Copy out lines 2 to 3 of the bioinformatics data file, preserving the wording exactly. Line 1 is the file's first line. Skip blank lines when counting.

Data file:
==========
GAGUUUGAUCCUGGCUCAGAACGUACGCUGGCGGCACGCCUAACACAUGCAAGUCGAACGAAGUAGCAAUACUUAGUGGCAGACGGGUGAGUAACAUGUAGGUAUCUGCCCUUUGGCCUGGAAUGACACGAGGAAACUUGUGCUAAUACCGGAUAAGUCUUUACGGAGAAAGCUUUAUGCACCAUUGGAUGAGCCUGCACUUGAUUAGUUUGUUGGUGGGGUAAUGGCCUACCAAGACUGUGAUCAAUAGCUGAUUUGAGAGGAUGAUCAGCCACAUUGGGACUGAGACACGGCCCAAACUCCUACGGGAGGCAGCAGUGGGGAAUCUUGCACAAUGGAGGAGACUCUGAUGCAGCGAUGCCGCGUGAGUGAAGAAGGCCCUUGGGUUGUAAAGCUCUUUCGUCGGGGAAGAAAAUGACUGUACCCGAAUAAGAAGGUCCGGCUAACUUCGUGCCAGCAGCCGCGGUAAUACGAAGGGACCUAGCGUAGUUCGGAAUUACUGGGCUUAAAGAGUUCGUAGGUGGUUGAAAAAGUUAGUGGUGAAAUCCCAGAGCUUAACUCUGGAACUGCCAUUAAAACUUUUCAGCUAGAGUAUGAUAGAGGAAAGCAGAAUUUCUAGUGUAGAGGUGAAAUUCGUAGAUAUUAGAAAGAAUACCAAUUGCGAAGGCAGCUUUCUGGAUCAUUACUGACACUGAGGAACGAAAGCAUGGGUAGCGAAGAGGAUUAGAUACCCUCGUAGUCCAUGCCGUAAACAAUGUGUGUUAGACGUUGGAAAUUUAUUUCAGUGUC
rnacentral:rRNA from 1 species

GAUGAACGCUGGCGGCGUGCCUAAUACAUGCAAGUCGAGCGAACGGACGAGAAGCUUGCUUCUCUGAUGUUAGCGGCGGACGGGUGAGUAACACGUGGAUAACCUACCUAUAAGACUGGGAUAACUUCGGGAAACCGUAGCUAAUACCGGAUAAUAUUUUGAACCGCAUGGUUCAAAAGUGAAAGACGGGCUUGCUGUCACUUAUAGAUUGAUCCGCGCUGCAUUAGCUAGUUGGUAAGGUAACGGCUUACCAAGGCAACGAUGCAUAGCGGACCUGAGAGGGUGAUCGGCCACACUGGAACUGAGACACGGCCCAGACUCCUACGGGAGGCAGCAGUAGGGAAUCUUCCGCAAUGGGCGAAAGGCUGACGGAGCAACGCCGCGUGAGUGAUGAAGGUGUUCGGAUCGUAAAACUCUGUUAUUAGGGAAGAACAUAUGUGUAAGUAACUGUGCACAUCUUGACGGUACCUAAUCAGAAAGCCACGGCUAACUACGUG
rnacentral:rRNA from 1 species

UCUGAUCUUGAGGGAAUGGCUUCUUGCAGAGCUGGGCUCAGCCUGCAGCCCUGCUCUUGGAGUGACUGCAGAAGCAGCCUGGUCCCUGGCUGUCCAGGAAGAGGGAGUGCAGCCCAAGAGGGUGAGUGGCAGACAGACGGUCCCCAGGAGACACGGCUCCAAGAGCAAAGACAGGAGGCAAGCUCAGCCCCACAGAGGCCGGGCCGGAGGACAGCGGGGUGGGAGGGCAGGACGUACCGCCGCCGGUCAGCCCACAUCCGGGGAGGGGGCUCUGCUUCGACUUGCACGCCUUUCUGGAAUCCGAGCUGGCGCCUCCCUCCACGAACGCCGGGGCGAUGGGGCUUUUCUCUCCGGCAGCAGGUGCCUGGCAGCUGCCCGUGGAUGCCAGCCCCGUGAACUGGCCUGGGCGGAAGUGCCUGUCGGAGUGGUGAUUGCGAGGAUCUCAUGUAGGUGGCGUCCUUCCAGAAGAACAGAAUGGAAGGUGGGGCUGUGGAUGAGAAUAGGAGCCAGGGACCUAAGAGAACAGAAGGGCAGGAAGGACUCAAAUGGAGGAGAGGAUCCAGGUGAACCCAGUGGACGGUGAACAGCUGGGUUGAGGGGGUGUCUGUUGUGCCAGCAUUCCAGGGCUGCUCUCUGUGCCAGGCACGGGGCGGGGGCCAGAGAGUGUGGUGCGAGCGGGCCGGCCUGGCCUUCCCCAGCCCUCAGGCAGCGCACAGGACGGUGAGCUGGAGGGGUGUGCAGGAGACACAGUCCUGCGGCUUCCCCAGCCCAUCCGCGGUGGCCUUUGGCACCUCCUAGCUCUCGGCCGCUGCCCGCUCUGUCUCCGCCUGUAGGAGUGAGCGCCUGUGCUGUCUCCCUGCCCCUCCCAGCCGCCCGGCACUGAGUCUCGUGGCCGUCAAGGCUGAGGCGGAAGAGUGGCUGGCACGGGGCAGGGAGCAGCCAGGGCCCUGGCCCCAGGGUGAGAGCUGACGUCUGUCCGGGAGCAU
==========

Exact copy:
rnacentral:rRNA from 1 species

GAUGAACGCUGGCGGCGUGCCUAAUACAUGCAAGUCGAGCGAACGGACGAGAAGCUUGCUUCUCUGAUGUUAGCGGCGGACGGGUGAGUAACACGUGGAUAACCUACCUAUAAGACUGGGAUAACUUCGGGAAACCGUAGCUAAUACCGGAUAAUAUUUUGAACCGCAUGGUUCAAAAGUGAAAGACGGGCUUGCUGUCACUUAUAGAUUGAUCCGCGCUGCAUUAGCUAGUUGGUAAGGUAACGGCUUACCAAGGCAACGAUGCAUAGCGGACCUGAGAGGGUGAUCGGCCACACUGGAACUGAGACACGGCCCAGACUCCUACGGGAGGCAGCAGUAGGGAAUCUUCCGCAAUGGGCGAAAGGCUGACGGAGCAACGCCGCGUGAGUGAUGAAGGUGUUCGGAUCGUAAAACUCUGUUAUUAGGGAAGAACAUAUGUGUAAGUAACUGUGCACAUCUUGACGGUACCUAAUCAGAAAGCCACGGCUAACUACGUG